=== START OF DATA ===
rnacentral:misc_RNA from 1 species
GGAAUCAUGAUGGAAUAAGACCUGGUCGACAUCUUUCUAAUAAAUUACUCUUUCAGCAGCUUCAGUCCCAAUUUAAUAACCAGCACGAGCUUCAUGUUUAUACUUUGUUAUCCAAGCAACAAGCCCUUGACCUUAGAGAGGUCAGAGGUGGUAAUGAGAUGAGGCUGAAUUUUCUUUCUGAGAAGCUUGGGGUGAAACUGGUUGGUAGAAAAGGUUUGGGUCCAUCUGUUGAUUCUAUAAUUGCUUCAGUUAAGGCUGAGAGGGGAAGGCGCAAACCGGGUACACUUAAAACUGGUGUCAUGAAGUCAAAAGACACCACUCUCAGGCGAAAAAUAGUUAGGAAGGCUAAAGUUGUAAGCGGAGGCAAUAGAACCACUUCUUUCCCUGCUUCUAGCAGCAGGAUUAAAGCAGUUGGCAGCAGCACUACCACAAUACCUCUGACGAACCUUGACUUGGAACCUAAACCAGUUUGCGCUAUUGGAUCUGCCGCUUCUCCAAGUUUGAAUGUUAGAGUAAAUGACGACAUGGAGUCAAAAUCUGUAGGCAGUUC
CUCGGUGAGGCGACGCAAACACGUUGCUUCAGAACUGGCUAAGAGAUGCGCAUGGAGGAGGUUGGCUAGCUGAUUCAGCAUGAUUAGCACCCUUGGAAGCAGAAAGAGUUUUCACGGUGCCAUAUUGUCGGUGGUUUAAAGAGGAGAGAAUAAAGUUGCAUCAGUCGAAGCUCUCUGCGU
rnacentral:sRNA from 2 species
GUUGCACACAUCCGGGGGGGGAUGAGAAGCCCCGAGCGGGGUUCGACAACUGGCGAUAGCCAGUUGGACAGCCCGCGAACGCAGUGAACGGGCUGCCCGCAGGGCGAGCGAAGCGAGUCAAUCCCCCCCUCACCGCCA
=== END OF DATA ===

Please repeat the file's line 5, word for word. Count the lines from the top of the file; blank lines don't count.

GUUGCACACAUCCGGGGGGGGAUGAGAAGCCCCGAGCGGGGUUCGACAACUGGCGAUAGCCAGUUGGACAGCCCGCGAACGCAGUGAACGGGCUGCCCGCAGGGCGAGCGAAGCGAGUCAAUCCCCCCCUCACCGCCA